✝️ REFLECTION CAPSULES – Jan 15, 2023: Sunday

“Listening to God’s Will; living a Life of Holiness; letting the light of His Love to shine”

(Based on Is 49:3, 5-6, 1 Cor 1:1-3 and Jn 1:29-34 – 2nd Sunday in Ordinary Time, Cycle C)

Six-year-old Johny made a trip to some European countries with his parents.

On returning back to the Catechism classes, his teacher asked him about his experiences.

And Johny said, “I loved all the churches in Europe – they are so many and they are so beautiful!
They have so many glass paintings on the windows of these bog churches of many saints!”

On hearing the word, “Saint”, the teacher asked Johny: “So tell me, who is a saint?”

And Johny, recollecting those glass paintings on the Church windows said:
“A saint is someone, who allows the Light of the Lord to pass through!”

That’s a beautiful description of a Saint, isn’t it?

One who allows the Light of the Lord to pass through!

The Liturgy of the Day invites each of us to allow the Light of the Lord to pass through…
… and become a light – a witness – of God’s Love to the world!

The First Reading (Is 49:3, 5-6) is one of the Four Servant Songs in the Book of Isaiah, about Jesus, the Messiah. (The other three – Is 42:1-9, 50:4-9, 52:13-53:12).

The Servant is named Israel (Is 49:3)

And elsewhere, the nation of Israel, is called the servant of the Lord (Is 41:8-9, 44:1-2, 21; 45:4; 48:20).

But Israel failed in its vocation.

This title of the “Servant of the Lord” is, however, faithfully lived by Jesus…
… who is shown to be the one faithful Israelite (Mt 12:15-21, Phil 2:6-8).

This title is later also given to those who make up God’s reconstituted Israel – all those who follow Jesus!

Each of us is thus invited to be “the light to the nations, that His Salvation may reach to the ends of the earth!” (Cf. Is 49:6)

St Paul beautifully shows this way to be the light to the nations: By doing His Will and living a Holy Life!

St Paul understood the depth of his vocation by identifying himself with the Will of God…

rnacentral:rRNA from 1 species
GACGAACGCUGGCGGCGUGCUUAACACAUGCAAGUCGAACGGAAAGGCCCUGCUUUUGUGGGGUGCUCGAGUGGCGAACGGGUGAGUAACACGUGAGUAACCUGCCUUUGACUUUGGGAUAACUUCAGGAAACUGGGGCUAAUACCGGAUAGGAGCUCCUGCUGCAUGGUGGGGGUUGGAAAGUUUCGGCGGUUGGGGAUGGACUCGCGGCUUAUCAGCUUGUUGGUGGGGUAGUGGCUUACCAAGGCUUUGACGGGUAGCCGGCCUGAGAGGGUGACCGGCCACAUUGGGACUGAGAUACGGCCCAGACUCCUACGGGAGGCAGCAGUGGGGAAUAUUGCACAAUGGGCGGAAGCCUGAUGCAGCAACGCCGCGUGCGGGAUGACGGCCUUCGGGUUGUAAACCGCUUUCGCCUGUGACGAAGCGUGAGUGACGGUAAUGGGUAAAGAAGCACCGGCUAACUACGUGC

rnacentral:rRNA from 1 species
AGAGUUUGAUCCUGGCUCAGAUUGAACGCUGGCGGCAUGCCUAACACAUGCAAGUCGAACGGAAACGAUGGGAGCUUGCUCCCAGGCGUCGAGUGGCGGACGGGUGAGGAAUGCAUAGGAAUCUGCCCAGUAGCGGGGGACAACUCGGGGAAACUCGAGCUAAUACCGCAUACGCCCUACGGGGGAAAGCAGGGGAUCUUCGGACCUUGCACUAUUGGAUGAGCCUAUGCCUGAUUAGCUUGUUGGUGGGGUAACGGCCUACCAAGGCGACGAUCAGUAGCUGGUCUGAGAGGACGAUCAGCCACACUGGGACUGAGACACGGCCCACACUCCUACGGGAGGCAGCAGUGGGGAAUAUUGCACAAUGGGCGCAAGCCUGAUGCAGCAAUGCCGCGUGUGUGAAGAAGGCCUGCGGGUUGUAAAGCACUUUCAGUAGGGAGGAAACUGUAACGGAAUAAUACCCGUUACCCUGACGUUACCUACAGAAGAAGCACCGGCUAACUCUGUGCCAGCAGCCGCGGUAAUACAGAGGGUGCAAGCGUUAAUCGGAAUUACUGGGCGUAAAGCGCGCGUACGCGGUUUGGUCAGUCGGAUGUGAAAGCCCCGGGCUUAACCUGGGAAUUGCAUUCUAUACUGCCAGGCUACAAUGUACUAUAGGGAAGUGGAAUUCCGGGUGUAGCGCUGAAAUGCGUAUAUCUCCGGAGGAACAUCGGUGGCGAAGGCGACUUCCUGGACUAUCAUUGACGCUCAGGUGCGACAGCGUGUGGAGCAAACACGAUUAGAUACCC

… “Paul, called to be an apostle of Christ Jesus by the will of God…” (1 Cor 1:1)
He also invites the people of Corinthians to live a sanctified life…
… “to the church of God that is in Corinth, to those who are sanctified in Christ Jesus, called to be saints…” (1 Cor 1:2)

When we do the Will of God in our lives and live a holy life, we allow God’s light to shine through us

When doing what God wants becomes the first priority for us, we become His Authentic Witnesses!

This is what we find St John the Baptist doing in the Gospel: Following the Will of God, he takes up this mission and duty of “being a light – a witness!”

“The next day John saw Jesus coming towards him and declared, ‘Here is the Lamb of God who takes away the sin of the world! This is he of whom I said, “After me comes a man who ranks ahead of me because he was before me.” (Jn 1:29-30)

Jesus would later testify to this fact when He tells about John the Baptist:
“He was a burning and shining lamp…” (Jn 5:35)

Our Christian lives are to be lived…
… by seeking and doing God’s Will!
… by living a holy life!

It is this transparency and openness to the Will of God that will help us to allow the Light of the Lord to pass through…
… and become a light – a witness – of God’s Love to the world!

May our prayer be, like the words of that beautiful hymn to our Blessed Mother:
“Mamma Mary, help me be open
To let the Light shine through me

Mamma Mary, teach me obedience,
Make me transparent like You!”

God Bless! Live Jesus!


Discovering the beauty of the Catholic Church through the Catechism
THE ANOINTING OF THE SICK – ITS FOUNDATIONS IN THE ECONOMY OF SALVATION

The man of the Old Testament lives his sickness in the presence of God.
It is before God that he laments his illness, and it is of God, Master of life and death, that he implores healing.
Illness becomes a way to conversion; God’s forgiveness initiates the healing.
It is the experience of Israel that illness is mysteriously linked to sin and evil, and that faithfulness to God according to his law restores life: “For I am the Lord, your healer.”
The prophet intuits that suffering can also have a redemptive meaning for the sins of others.

Finally Isaiah announces that God will usher in a time for Zion when he will pardon every offense and heal every illness. (CCC #1502)

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